I’ve been thinking a lot the last couple of days about community and friends and opportunities.  You know, really deep thoughts about gratitude and stuff.  In recent years friends have pointed me toward opportunities for new jobs, new homes, childcare, all kinds of things.  This year, my friends have been helping me with Bucklepenny.  Old friends are field testing products and buying soap. Neighbors are pointing me to new opportunities for sales outlets. New friends are sharing farm implements that we can’t yet afford. Even Bean and Liliputian are doing their part by providing moral support. And Fixer? Forget it.  He’s just my rock. Not only supporting this hobby, but literally doing all the heavy lifting for this cockamamie scheme I’ve cooked up. I feel really, incredibly blessed. 
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Remember this guy?

IMG_5696What a difference a week can make! It’s been incredibly hot here this week, popping up into the 90s several times.  We’ve been planting our veggie garden and the heat has just been scorching the starts in pots so it’s been a scramble.

IMG_5701The potatoes are fairly rocketing out of the ground. I can’t wait to see how big they get my harvest time in September.

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The lavender is doing well.  One variety has bloomed. Yeah, that’s right. Four whole stems from 64 plants, but I’m stoked since it’s the first season.  My plan was to get them in now so we could get a season of good growth in before winter and maybe have a small harvest next year.  Lavender takes probably three good years to grow to any real size.

coconut milk soap apricot freesiaI’ve been soaping a fair bit the lately, but not nearly what I want to be.  The top photo with the blue mica swirl is my first try at a coconut milk soap. It’s unscented and I got the recipe from Amanda at LovinSoap.com. You can find the recipe I used here.

The bottom soap is a lovely apricot freesia swirl. I’ll post when these soaps are available on Etsy.  I posted several new soaps to Etsy this week. You can find my shop here.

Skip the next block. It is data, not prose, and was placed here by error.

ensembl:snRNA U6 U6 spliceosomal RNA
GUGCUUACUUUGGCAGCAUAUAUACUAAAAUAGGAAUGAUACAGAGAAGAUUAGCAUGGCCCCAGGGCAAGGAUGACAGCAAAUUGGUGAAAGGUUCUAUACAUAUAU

I also picked up a book this week on masterbatching from Kenna over at AmathiaSoapworks.com. Masterbatching is a means to speed up production prep.  Making soap a single batch at a time can be very time consuming while I wait for the solid oils to melt, add in my liquid oils and wait for that to cool and then do the same for my lye solution.  Masterbatching allows a soap maker to spend less time waiting and more time designing.  Yay for that!

I’m not quite ready for masterbatching since I’m in a period of reformulation.  Amanda has convinced me to remove palm oil from my oil repertoire because it’s not a sustainable oil and it’s production is evidently very hard on the orangutan population and who wants to be a part of that?  I do feel like I could probably have taken a more measured transition though, since all of my recipes contained palm. Every. Single. One. But I went cold turkey because I ran out of palm and didn’t have a local source anyway.

Last night’s project was coconut passionfruit papaya with poppy seed soap.  I’ll post more pictures later.

Today we rototill one last section of lavender field so we can plant the last 120 plants or so. Then I think we’ll call it a season.

Planting plants

I just knew I should have taken my camera with me out to check on the lavender babies this evening. They sure are coming along. We’ve got 25 rows in now, with somewhere close to 400 plants in the ground before I ran out of irrigated rows.  There are another 120 plants on the front porch waiting to be tucked in, but Fixer has some trenching to do before then.  Ugh.